How plas­tic is poi­son­ing di­ets of 74% of seabirds

Scottish Daily Mail - - Life - By Tim Bu­gler

MORE than seven out of ten seabirds have swal­lowed po­ten­tially deadly frag­ments of plas­tic, Scots sci­en­tists have warned.

Re­search on 34 species in the North-Eastern At­lantic found 74 per cent had in­gested plas­tic due to pol­lu­tion.

The au­thors have col­lated data on plas­tic in­ges­tion and so-called ‘nest in­cor­po­ra­tion’ in seabirds around north­ern Europe, Scan­di­navia, Rus­sia, Green­land, Sval­bard, the Faroes and Ice­land.

Dr Nina O’Han­lon, of the Univer­sity of the High­lands and Is­lands, warned that plas­tic posed ‘a ma­jor threat’ to ma­rine life. She said: ‘The pro­duc­tion of plas­tic con­tin­ues to rise, with mil­lions of tons en­ter­ing the oceans each year. Seabirds can in­gest plas­tic, be­come en­tan­gled in it, or in­cor­po­rate it into their nests, caus­ing im­pacts which may have neg­a­tive con­se­quences on re­pro­duc­tion and sur­vival.’

RSPB se­nior con­ser­va­tion sci­en­tist Dr Alex Bond said: ‘The prop­er­ties which make plas­tic de­sir­able are the very things which make it prob­lem­atic.

‘Plas­tic never breaks down, it only breaks up into smaller frag­ments which re­main in the en­vi­ron­ment and, as its den­sity varies, it can be found through­out all depths of the wa­ter, in­creas­ing the num­ber of species which come into con­tact with it. So­lu­tions to plas­tic pol­lu­tion in the oceans re­quire con­certed ac­tion at its source on land – 80 per cent of ma­rine lit­ter is thought to come from land – es­pe­cially by pro­duc­ers and users.’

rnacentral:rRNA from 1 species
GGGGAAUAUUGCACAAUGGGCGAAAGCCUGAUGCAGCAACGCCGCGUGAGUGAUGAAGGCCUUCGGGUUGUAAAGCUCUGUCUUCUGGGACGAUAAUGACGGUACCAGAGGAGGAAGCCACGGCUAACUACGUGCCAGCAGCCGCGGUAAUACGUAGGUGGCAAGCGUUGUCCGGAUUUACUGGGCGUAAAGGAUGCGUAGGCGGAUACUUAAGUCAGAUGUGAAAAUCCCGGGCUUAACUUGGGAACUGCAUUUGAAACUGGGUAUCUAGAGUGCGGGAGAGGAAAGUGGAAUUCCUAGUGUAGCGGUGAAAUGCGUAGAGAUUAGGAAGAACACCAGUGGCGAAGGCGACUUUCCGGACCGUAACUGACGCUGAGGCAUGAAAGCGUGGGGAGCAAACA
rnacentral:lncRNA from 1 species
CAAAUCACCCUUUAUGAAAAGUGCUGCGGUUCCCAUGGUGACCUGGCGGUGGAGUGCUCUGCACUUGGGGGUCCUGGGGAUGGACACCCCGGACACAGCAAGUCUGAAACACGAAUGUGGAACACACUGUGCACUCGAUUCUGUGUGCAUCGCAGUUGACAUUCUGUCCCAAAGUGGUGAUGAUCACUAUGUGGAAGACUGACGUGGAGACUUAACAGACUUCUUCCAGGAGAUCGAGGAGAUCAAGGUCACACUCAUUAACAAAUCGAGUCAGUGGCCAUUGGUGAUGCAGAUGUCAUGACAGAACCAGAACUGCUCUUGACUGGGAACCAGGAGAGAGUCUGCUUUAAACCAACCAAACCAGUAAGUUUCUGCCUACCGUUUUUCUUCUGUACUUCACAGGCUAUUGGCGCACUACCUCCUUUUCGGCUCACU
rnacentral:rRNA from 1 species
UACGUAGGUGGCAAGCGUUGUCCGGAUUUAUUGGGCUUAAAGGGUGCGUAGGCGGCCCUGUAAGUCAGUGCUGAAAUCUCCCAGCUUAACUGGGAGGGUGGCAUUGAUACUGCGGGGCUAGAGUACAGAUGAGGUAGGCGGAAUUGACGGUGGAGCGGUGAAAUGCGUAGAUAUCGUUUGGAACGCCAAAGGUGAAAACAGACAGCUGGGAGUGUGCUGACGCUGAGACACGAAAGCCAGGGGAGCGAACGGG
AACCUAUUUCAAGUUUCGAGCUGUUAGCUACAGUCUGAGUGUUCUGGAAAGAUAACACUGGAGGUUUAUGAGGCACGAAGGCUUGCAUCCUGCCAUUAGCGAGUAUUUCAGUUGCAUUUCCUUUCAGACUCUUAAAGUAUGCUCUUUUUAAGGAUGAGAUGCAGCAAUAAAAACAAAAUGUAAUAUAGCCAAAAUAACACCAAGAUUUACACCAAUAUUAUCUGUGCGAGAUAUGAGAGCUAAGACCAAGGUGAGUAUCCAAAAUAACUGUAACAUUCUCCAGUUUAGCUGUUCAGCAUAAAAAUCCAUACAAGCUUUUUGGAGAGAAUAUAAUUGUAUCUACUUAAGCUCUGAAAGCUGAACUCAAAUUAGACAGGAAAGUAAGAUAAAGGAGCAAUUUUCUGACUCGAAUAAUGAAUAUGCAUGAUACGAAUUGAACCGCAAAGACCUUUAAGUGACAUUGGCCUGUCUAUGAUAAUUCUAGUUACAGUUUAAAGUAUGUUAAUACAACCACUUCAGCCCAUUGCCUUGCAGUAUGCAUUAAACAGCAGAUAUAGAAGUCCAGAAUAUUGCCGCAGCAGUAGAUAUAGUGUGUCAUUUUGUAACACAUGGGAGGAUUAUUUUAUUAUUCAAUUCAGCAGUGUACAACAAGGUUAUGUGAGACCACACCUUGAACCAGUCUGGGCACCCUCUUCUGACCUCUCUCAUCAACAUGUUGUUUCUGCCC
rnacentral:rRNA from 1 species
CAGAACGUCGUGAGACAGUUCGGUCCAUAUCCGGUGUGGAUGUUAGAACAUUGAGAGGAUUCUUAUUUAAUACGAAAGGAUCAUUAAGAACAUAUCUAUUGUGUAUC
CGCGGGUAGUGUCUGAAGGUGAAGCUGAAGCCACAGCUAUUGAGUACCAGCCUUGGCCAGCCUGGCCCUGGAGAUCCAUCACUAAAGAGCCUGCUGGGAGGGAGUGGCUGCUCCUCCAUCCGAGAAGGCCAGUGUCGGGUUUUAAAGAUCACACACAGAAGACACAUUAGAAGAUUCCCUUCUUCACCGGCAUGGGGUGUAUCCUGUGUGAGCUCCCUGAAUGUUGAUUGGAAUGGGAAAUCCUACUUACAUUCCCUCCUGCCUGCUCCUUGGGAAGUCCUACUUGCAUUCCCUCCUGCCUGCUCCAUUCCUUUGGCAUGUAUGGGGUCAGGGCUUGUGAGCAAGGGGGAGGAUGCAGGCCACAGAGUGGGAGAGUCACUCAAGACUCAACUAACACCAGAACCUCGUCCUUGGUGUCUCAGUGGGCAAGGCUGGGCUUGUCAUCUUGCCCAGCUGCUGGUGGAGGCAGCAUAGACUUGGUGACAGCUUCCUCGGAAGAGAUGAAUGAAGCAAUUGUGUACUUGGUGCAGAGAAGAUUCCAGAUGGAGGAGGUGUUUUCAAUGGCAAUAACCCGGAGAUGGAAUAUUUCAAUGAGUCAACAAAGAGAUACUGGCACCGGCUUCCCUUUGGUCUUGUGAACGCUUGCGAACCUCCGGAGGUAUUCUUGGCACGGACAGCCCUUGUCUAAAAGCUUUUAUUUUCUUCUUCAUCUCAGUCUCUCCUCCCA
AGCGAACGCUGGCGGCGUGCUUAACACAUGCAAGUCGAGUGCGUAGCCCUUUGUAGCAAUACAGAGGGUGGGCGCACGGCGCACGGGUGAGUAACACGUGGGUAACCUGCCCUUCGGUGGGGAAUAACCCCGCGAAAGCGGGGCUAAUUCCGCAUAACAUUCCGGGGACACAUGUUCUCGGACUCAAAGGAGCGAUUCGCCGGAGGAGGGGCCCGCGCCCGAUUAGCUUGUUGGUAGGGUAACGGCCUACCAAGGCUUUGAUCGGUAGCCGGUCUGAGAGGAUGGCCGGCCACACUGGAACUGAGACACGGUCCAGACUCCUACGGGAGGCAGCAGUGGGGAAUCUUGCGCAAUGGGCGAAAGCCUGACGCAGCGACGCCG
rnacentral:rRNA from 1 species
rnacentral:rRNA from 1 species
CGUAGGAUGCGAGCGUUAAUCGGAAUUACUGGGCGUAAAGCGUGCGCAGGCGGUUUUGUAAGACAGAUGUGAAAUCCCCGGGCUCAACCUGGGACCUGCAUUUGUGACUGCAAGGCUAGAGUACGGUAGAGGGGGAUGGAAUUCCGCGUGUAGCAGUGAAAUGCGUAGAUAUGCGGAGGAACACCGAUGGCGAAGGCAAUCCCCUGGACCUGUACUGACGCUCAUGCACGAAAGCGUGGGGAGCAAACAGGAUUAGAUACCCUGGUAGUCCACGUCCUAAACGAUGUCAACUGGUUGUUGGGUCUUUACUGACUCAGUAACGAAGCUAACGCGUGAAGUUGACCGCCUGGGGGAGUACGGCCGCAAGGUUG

The re­searchers say more co-or­di­nated, com­pre­hen­sive and de­tailed in­ves­ti­ga­tions are now re­quired.

Less than half of the 69 seabird species com­monly found in the North-Eastern At­lantic have been in­ves­ti­gated for plas­tic so far.

Dr O’Han­lon added: ‘We ac­tu­ally know very lit­tle about the cur­rent preva­lence of plas­tic in­ges­tion and nest in­cor­po­ra­tion for many species. Sev­eral, like the long-tailed duck and At­lantic puf­fin, are glob­ally threat­ened.’

The group’s re­search was un­der­taken as part of Cir­cu­lar Ocean, a project funded by the EU’s North­ern Pe­riph­ery and Arc­tic Pro­gramme, to in­cen­tivise the re­use and re­cy­cling of plas­tic lit­ter.

Ear­lier this month, the Scot­tish Gov­ern­ment backed a rad­i­cal de­posit re­turn scheme for drinks con­tain­ers which would see a re­fund­able 10p charge added to cans and bot­tles.

The move, fol­low­ing a Scot­tish Daily Mail cam­paign, could help bat­tle plas­tic bot­tle pol­lu­tion.

It also emerged that min­is­ters will con­sider a manda­tory cof­fee cup charge, sim­i­lar to the 5p car­rier bag fee, to cut waste and lit­ter.

Doc­u­ments pub­lished with Ni­cola Stur­geon’s pro­gramme for gov­ern­ment state: ‘We will also go fur­ther in our ef­forts to end the “throw­away” cul­ture by ex­am­in­ing how to re­duce de­mand for sin­gle-use items, such as dis­pos­able cof­fee cups.’

The move comes af­ter the Daily Mail’s Curb the Cups cam­paign.

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